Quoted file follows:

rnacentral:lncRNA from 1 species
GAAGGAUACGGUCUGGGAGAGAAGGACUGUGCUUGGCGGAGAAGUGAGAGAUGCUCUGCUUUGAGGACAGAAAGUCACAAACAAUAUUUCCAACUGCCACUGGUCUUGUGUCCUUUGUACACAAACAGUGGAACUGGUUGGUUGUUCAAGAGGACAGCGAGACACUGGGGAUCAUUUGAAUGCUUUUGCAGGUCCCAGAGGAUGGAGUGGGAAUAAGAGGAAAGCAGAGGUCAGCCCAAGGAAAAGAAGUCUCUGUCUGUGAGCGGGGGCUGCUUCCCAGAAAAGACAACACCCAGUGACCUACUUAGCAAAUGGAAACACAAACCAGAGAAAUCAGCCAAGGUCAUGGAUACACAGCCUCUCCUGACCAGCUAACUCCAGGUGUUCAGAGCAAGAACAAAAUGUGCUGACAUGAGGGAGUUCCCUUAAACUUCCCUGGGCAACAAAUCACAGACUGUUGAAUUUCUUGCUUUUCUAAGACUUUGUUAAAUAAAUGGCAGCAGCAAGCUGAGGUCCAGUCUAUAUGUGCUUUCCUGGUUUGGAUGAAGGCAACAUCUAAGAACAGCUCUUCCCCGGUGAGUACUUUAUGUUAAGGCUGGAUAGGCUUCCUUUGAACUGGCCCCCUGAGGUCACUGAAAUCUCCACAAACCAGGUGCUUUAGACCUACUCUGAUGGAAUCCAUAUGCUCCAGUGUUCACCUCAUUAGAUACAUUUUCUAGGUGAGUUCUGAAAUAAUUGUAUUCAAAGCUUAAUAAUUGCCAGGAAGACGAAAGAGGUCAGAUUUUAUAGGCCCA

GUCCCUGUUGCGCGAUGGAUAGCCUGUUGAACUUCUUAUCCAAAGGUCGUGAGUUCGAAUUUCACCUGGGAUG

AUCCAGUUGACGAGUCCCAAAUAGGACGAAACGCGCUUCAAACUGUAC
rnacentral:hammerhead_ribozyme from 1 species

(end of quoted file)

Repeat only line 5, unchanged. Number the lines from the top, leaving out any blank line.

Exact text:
rnacentral:hammerhead_ribozyme from 1 species